At 51, Guy Mingo may seem rather young to be inducted into the Minnesota Business Hall of Fame. But he’s always lived ahead of schedule.
“I was eager to get going,” he says, “and I’ve never looked back.”
Mingo quit high school at 16 to work full time. Three years later, he became Marsden Building Maintenance’s youngest-ever district manager, responsible for almost 25 percent of the company’s revenue. At 23, he was a husband, father, and homeowner; at 24, promoted to vice president of operations; at 42, made CEO of St. Paul–based Marsden Holding, LLC, now one of the largest privately owned facility service providers in the U.S. With services including office cleaning, building security, and HVAC system maintenance, Marsden currently owns 12 companies operating in 32 states; last year, it posted revenues of $110 million. For the past three years, Marsden Holding has had record growth in income.
Since becoming CEO in 2002, Mingo has led the company through a whirlwind of acquisitions, with the goal of doubling in size every five years. The recent economic downturn has left him champing at the bit. “I wanted to reach $250 million in revenue by the end of 2010, and had the market not changed, we would have been well past it,” he says. “We weren’t ready to slow down.”
Mingo was raised in north Minneapolis, one of six kids. “I came from a broken, alcoholic home, and grew up on welfare,” he recalls. He got his first job at a convenience store in the neighborhood, and happily quit school to work 16-hour days, six days a week.
Storeowner Monroe Hordoff took Mingo under his wing, entrusting him with the job of night manager. “I was a pretty quiet kid,” Mingo recalls. “But at the store, I met customers from all walks of life, and I got excited about serving people. Monroe taught me: If you’re going to do something, do it in a quality way or don’t do it at all.”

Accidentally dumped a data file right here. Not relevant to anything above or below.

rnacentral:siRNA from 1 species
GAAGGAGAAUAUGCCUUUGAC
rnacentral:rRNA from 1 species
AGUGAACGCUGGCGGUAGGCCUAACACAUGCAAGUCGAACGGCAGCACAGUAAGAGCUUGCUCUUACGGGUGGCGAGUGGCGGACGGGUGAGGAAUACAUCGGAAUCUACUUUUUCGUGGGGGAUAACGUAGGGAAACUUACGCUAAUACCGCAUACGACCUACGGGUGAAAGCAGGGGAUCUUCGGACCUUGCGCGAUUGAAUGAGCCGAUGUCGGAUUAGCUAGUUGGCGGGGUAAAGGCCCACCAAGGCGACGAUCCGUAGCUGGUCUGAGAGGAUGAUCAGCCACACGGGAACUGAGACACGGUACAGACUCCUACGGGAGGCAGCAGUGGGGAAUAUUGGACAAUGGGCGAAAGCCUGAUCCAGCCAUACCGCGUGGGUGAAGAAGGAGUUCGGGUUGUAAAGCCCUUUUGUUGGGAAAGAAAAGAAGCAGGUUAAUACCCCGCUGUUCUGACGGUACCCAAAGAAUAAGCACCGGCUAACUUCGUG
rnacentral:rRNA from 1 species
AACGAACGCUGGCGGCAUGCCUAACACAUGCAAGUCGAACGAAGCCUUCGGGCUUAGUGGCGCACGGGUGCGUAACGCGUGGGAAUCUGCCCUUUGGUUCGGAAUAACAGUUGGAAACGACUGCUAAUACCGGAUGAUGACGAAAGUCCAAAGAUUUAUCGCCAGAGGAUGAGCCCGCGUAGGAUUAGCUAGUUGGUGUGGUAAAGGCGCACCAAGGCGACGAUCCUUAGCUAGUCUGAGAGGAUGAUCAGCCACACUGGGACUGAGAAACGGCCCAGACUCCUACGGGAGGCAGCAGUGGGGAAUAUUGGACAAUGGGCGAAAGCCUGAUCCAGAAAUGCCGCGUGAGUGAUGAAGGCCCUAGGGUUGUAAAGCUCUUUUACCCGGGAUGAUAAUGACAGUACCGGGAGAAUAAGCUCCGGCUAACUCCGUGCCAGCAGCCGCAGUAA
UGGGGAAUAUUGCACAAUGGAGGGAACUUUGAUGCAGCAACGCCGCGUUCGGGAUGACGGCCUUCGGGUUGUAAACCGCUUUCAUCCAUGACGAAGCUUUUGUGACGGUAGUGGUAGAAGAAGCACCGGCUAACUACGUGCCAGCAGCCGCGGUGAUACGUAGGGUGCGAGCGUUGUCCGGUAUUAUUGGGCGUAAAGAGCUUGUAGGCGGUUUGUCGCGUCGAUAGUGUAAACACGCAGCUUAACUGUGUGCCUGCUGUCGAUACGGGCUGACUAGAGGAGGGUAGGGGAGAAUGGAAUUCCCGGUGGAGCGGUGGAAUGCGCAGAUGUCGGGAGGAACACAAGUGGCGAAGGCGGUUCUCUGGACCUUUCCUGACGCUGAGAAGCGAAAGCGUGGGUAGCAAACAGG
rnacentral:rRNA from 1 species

When business slowed at the store, Mingo’s girlfriend since middle school (and now wife of 29 years), Patsy Riddle, urged him to join her at Marsden Building Maintenance. He started as a part-time janitor, cleaning the Hennepin County Government Center in Minneapolis. But he moved up quickly, from managing six cleaners at the downtown Minneapolis Radisson hotel to overseeing the 125 workers who cleaned 5 million square feet of office space every day in the southwest suburbs.
Mingo recalls that when he first met company founder and CEO Skip Marsden, Sr., he was careful not to reveal his age. (Marsden himself had left home at 15 to join the Merchant Marine.) The two men hit it off, and Mingo had another mentor.
“Skip would give the shirt off his back to anyone who needed it, to anyone who was the underdog,” Mingo recalls. “With Skip, everything had to be top quality. He was a hard driver and passionate, but he also had fun. We hunted and golfed together for more than 20 years.”
In 1995, Marsden promoted Mingo to president of Marsden Building Maintenance, a $25 million business that was growing fast, adding two or three large accounts every month. With its purchase of two small local janitorial companies, Mingo got his first taste of growth through acquisition. With Marsden’s successful purchase of Milwaukee-based Clean Power in 2000, Mingo believed that his company could become a “hometown team with national strength.”